By Pat Anson, Editor
The Centers for Disease Control and Prevention has officially ended its investigation of a nationwide salmonella outbreak linked to the herbal supplement kratom. A total of 199 people were infected and 50 of them hospitalized. There have been no deaths.
Although this particular outbreak was small – there are over one million Salmonella illnesses every year in the U.S. – it covered a lot of territory. Illnesses were reported in 41 states.
Salmonella is a bacterial infection usually spread through contaminated food or water. Most people who become infected develop diarrhea, fever and stomach cramps. Severe cases can result in death.
Although the CDC investigation did not identify a single, common source of contaminated kratom, it found enough evidence to declare that kratom was the “likely source.”
State and local health officials interviewed 103 people who were sickened in the outbreak and found that 74 percent reported consuming kratom in pills, powder or tea. The kratom was purchased online and from retail locations in several states. Over a dozen brands of kratom were recalled as a result.
“This outbreak investigation is over. However, some kratom products that were contaminated with Salmonella have not yet been recalled and may still be available for purchase or in people’s homes,” the CDC said in a statement. “Salmonella was identified in nearly half of the kratom products tested during this investigation. Eighty-five different DNA fingerprints of Salmonella were identified in samples of kratom products. This information indicates widespread Salmonella contamination in kratom from multiple retailers."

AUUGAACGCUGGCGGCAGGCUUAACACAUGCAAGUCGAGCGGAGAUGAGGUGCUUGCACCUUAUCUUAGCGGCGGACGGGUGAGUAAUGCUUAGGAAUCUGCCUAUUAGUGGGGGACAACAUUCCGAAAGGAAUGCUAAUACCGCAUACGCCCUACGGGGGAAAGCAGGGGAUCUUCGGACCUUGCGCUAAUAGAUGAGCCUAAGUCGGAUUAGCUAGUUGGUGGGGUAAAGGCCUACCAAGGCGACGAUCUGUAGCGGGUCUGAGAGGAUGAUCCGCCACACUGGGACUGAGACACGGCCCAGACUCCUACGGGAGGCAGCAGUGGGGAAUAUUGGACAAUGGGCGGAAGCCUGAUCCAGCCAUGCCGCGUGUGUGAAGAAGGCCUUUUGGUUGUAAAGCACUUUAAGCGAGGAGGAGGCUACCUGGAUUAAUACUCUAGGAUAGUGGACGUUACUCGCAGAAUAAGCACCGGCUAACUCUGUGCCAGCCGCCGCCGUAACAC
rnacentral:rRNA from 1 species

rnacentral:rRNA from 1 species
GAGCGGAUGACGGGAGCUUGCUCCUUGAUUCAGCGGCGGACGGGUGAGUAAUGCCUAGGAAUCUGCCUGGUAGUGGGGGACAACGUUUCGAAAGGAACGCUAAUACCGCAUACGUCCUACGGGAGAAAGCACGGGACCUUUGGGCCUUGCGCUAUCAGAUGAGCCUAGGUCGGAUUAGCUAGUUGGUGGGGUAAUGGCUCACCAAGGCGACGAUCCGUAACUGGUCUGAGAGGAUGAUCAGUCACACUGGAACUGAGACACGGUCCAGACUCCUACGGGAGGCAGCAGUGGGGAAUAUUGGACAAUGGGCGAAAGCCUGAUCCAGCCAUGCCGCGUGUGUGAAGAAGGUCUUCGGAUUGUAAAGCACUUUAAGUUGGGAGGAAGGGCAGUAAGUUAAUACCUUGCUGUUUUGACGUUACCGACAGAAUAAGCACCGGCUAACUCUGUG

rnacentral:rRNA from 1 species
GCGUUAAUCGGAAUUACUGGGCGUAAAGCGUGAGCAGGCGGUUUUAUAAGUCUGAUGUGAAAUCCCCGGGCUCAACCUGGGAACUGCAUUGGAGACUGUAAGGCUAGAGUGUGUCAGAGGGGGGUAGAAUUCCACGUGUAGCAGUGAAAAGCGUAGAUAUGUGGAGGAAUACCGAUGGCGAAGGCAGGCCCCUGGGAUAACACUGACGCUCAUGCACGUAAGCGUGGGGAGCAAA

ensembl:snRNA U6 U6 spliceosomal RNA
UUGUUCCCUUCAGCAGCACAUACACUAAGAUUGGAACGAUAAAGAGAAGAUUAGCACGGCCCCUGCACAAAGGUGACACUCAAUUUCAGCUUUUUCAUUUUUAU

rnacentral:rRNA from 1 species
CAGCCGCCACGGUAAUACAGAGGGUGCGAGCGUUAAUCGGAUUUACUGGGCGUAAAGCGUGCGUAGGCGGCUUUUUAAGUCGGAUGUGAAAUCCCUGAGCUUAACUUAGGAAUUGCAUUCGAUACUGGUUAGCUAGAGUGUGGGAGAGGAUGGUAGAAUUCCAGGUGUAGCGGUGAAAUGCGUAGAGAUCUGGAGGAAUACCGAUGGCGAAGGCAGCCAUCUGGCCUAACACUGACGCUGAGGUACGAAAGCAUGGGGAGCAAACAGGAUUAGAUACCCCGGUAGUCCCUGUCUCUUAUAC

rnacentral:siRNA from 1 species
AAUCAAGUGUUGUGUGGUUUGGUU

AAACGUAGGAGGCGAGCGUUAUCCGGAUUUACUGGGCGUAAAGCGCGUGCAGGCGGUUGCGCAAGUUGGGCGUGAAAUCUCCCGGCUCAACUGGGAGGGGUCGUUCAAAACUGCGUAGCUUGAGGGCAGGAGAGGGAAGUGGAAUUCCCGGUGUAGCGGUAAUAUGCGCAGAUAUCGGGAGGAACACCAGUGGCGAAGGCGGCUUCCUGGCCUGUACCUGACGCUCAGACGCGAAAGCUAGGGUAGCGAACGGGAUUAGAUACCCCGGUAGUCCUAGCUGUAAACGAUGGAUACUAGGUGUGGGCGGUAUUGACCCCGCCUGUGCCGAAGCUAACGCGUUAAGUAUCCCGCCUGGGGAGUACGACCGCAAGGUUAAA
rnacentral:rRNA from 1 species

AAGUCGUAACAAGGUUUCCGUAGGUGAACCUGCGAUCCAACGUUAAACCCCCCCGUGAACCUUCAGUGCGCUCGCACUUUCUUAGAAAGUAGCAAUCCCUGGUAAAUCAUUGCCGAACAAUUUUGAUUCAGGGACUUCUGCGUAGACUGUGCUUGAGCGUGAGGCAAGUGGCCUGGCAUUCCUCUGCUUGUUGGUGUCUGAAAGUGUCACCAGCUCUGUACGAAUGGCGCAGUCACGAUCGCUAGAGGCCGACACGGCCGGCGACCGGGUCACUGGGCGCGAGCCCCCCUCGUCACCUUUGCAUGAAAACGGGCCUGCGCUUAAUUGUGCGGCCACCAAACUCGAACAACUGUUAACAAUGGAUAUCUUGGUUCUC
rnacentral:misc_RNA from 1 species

The CDC has modified a previous recommendation that no one consume kratom “in any form.” The agency now recommends that only people at risk of a Salmonella infection – such as pregnant women, children, older adults, and people with compromised immune systems -- avoid consuming kratom products.
“If you are considering using kratom, talk to your health care provider first, especially if you are in a group more likely to get a severe Salmonella infection,” the CDC said.
Millions of Americans use kratom to treat chronic pain, addiction, depression, anxiety and other medical conditions. Kratom comes from the leaves of a tree that grows in southeast Asia, where it has been used for centuries as a natural pain reliever and stimulant.
To see an FDA list of recalled kratom products, click here.